Short Story Centre

10 Best Short Stories To Read This Summer

Let’s be honest: the best way to spend the summer is to be out and about under the sun. We don’t want to waste it by staying indoors because that’s what the rainy season is for. 

That’s why it’s probably best to ditch that thousand-word historical novel you’ve been looking forward to and get a handful of short stories instead. Why? Well: 

a.) they’re shorter so you’ll have plenty of time left for the beach.

b.) they’re just as meaningful and satisfying as novels.

c.) you’ll have a variety of stories to read rather than sticking to just one story.

With that said, here are the ten short stories to read this summer

“The Most Dangerous Game” by Richard Connell 

Let’s kick off this list with a heart-pounding adventure where the hunter becomes the hunted. 

In it, Rainsford finds himself stranded on an island and meets General Zaroff, a fellow hunter who has an insatiable blood lust. Let’s just say it’s not only animals that he’s after.  In a twist of fate, Rainsford must now navigate this island and do all that he can to survive the night. The suspense of this classic story is an excellent way to get you hyped for your summer activities. 

“The Something by John Grisham” by B.J. Novak

John Grisham’s books make for excellent summer reads. His exciting legal thrillers can perk you up at the beach or keep you on the edge of your plane seat on the way to your summer getaway. With that said, why not read a quick and funny short story that stars the lawyer-turned-novelist? 

In this short story by B.J. Novak, Grisham’s latest bestseller accidentally gets published under the name The Something. As expected, hilarity ensues. 

“The Other One” by Tessa Hadley

Summer isn’t always about mojitos by the beach. It’s also about self-discovery, and sometimes self-discovery involves wading knee-deep in family secrets. In Tessa Hadley’s short story “The Other One,” the protagonist becomes acquainted with the friend of her late father’s mistress by chance. As you can imagine, it’s an uncomfortable situation to be in, but it’s also a situation that brings peace eventually.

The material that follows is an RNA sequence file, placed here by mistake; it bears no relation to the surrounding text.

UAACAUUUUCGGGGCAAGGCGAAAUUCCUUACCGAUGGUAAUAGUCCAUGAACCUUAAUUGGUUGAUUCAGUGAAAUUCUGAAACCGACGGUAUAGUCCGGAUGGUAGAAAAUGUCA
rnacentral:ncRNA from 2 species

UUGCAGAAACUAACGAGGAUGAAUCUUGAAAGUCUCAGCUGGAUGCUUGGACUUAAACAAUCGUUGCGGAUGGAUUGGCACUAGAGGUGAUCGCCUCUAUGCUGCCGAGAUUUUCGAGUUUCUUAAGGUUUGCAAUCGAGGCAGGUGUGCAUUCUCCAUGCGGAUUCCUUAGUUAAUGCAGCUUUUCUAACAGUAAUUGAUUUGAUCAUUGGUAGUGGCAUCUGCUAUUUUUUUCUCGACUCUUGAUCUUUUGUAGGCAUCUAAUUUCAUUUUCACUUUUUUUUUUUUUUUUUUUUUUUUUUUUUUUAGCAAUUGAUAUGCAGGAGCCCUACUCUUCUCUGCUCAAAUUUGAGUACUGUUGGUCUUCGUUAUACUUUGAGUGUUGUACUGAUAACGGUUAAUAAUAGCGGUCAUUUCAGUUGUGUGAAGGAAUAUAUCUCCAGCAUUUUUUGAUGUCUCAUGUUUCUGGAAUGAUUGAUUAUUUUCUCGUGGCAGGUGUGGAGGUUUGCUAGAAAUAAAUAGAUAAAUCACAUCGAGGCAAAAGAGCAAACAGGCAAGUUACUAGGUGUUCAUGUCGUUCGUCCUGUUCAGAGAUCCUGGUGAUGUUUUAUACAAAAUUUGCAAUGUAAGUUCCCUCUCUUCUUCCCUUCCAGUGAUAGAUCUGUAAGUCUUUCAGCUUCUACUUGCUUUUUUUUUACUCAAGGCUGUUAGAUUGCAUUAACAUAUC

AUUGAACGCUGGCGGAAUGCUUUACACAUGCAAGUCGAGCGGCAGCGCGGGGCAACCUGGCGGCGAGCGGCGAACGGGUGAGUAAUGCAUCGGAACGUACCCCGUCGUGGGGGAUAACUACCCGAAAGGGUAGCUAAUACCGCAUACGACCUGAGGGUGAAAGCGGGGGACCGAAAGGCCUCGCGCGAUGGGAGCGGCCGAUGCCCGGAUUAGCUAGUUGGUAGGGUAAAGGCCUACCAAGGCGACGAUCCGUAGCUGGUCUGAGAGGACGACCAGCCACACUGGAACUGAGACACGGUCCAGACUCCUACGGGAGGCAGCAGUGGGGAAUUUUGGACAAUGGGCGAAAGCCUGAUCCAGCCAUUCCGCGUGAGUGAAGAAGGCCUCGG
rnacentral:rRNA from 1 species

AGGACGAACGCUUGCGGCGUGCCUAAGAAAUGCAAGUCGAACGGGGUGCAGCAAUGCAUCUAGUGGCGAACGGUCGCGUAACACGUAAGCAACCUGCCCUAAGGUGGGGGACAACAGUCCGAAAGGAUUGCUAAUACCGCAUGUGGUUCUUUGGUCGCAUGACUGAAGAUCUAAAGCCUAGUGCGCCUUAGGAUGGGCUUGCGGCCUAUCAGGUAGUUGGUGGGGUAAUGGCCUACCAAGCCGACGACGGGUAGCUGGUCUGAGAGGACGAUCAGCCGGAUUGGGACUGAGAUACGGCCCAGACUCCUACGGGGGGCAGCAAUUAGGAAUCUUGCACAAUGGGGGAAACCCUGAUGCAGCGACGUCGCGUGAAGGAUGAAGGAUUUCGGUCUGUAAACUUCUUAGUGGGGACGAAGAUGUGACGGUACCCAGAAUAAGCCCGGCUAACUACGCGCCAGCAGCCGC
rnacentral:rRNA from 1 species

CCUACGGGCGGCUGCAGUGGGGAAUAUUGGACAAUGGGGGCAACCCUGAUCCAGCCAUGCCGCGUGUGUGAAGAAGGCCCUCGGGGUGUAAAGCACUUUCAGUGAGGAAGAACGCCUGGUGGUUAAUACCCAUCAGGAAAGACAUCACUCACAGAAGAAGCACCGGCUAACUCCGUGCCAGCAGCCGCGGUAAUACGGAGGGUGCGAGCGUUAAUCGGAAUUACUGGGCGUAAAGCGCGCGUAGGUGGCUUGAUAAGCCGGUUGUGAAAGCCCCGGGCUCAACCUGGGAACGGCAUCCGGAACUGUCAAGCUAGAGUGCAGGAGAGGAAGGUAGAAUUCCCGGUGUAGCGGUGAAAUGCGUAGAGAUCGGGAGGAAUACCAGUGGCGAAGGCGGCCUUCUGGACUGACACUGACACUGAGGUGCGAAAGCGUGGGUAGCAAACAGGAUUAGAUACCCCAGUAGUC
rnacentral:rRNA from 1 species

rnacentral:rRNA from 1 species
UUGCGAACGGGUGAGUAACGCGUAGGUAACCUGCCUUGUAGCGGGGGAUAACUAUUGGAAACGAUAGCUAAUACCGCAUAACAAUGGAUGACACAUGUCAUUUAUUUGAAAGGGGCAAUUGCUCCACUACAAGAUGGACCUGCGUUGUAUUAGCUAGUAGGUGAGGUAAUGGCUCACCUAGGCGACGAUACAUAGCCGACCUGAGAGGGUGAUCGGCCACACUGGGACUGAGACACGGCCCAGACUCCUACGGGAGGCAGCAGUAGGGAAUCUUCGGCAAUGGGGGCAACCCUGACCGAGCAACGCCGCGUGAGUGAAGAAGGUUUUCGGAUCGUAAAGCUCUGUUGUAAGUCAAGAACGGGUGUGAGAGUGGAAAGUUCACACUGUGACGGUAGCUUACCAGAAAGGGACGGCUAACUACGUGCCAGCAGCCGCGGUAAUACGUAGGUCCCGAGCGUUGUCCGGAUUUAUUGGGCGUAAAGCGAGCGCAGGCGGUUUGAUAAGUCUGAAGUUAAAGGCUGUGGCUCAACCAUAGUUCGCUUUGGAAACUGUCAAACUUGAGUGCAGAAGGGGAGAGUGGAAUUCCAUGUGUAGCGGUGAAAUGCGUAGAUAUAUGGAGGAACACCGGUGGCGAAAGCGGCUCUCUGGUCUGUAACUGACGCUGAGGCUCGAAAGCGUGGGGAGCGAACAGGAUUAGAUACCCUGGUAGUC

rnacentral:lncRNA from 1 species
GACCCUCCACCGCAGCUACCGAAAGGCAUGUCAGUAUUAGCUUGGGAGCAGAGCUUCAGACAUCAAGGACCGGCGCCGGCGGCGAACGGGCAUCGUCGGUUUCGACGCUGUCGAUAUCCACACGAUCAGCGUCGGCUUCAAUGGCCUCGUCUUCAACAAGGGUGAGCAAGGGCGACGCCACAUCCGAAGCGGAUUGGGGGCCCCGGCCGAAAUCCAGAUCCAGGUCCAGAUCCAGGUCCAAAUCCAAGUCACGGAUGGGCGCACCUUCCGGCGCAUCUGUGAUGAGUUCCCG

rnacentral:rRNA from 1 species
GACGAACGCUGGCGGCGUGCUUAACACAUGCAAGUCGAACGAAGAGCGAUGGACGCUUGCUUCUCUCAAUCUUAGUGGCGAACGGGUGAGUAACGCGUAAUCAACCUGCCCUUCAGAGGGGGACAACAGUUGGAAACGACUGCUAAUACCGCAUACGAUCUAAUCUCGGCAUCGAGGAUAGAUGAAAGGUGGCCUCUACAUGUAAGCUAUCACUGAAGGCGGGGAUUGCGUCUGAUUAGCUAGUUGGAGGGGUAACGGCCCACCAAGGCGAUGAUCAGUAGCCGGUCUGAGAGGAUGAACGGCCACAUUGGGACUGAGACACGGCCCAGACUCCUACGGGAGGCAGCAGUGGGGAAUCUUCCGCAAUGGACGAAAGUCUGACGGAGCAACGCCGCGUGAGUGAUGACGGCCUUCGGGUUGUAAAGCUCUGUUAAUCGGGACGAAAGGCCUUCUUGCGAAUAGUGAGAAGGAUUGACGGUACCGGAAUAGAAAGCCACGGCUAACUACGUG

“The Still” by Adam Cesare

Horror isn’t reserved for Halloween. If you don’t believe me, read this story by Adam Cesare. From his collection Bone Broth Meal, it is about two boys who come face-to-face with the horrific source of their precious moonshine. 

Despite the gruesomeness of the story, it perfectly captures that one summer everyone experiences where innocence is forever lost.  

“The Maiden Voyage” by Tobias Wolff

An old couple celebrates their golden anniversary on a cruise. While on board, they meet a young couple whose principles and values are a world apart from theirs. 

This clash of generations is not something we haven’t seen before, but Tobias Wolff tells this story with such deep melancholy and longing. It rewards repeat reads and is a reliable source for your jolt of summertime sadness. 

“The Swim Team” by Miranda July

The protagonist of this story – erroneously referred to the other characters as Maria – leads a swim class for a team of geriatrics during her time in Belvedere. It is as fun, quirky, and unique as it sounds. Since this is a piece by Miranda July, you really shouldn’t expect anything less. 

“The Prairie Wife” by Curtis Sittenfield

Ever wonder what happens to people after their sultry summer romances end? Curtis Sittenfield offers answers through this short story. 

In it, Kirsten just can’t seem to move on from her summer camp fling with Lucy. Then again, no one can really blame her; almost anyone would get hung up on someone if that someone owned a widely successful lifestyle blog and was all over social media. 

Sweet and hilarious, Sittenfield shows us the downside of love in the summer. 

“Girl” by Jamaica Kincaid

Jamaica Kincaid’s one-page wonder is a list of what not to do in order to become a lady worth respecting. The sarcasm and rage is so palpable that instead of feeling down because of society’s restrictions on women, you feel empowered and ready to take on anything by the end of the story. That’s always a good mood to be in, but most especially in the heat of the summer.

“A Good Man is Hard To Find” by Flannery O’Connor

Not all family vacations end with photos full of smiles that would end up on the living room mantel. Some of them – as Flannery O’Connor displays here – end in an early grave. 

This classic follows a family who goes on a trip to Florida despite the grandmother’s warnings about the recently escaped killer, the Misfit. Without spoiling too much, let me just say this: always listen to your grandmothers. They really know what’s best for you.  

“The Body” by Stephen King

I know this is cheating sort-of (this a novella but it’s still part of Stephen King’s short story collection Different Seasons) but I just can’t leave this out of a list of summer reads. Stephen King’s coming-of-age tale about four boys who decide to inspect the corpse of a 12-year-old masterfully illustrates the strength of friendship and what happens when innocence is lost.  

Before heading out, make sure you have these stories packed along with your travel essentials to make this the summer you’ll never forget.